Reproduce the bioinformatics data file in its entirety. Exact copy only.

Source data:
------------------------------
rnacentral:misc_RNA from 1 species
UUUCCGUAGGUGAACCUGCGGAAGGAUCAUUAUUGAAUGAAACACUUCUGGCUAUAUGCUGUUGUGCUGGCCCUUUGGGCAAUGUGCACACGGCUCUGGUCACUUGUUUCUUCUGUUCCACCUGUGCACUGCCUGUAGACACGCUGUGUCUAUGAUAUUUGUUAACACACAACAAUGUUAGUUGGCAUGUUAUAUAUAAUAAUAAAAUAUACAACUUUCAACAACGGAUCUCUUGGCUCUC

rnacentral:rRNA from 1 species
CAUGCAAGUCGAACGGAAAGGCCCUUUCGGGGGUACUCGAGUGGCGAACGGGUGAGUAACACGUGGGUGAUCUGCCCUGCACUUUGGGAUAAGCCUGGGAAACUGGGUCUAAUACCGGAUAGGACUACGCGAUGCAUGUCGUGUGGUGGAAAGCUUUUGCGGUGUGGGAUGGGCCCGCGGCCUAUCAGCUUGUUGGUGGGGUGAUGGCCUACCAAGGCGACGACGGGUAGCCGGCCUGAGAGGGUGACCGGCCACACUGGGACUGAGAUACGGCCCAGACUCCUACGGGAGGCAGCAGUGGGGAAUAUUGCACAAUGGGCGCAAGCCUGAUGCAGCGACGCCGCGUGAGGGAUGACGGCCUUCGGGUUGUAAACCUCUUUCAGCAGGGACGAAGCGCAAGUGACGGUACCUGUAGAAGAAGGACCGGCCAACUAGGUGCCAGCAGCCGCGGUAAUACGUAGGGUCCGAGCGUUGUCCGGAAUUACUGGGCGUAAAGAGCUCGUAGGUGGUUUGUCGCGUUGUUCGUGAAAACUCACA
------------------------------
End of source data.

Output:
rnacentral:misc_RNA from 1 species
UUUCCGUAGGUGAACCUGCGGAAGGAUCAUUAUUGAAUGAAACACUUCUGGCUAUAUGCUGUUGUGCUGGCCCUUUGGGCAAUGUGCACACGGCUCUGGUCACUUGUUUCUUCUGUUCCACCUGUGCACUGCCUGUAGACACGCUGUGUCUAUGAUAUUUGUUAACACACAACAAUGUUAGUUGGCAUGUUAUAUAUAAUAAUAAAAUAUACAACUUUCAACAACGGAUCUCUUGGCUCUC

rnacentral:rRNA from 1 species
CAUGCAAGUCGAACGGAAAGGCCCUUUCGGGGGUACUCGAGUGGCGAACGGGUGAGUAACACGUGGGUGAUCUGCCCUGCACUUUGGGAUAAGCCUGGGAAACUGGGUCUAAUACCGGAUAGGACUACGCGAUGCAUGUCGUGUGGUGGAAAGCUUUUGCGGUGUGGGAUGGGCCCGCGGCCUAUCAGCUUGUUGGUGGGGUGAUGGCCUACCAAGGCGACGACGGGUAGCCGGCCUGAGAGGGUGACCGGCCACACUGGGACUGAGAUACGGCCCAGACUCCUACGGGAGGCAGCAGUGGGGAAUAUUGCACAAUGGGCGCAAGCCUGAUGCAGCGACGCCGCGUGAGGGAUGACGGCCUUCGGGUUGUAAACCUCUUUCAGCAGGGACGAAGCGCAAGUGACGGUACCUGUAGAAGAAGGACCGGCCAACUAGGUGCCAGCAGCCGCGGUAAUACGUAGGGUCCGAGCGUUGUCCGGAAUUACUGGGCGUAAAGAGCUCGUAGGUGGUUUGUCGCGUUGUUCGUGAAAACUCACA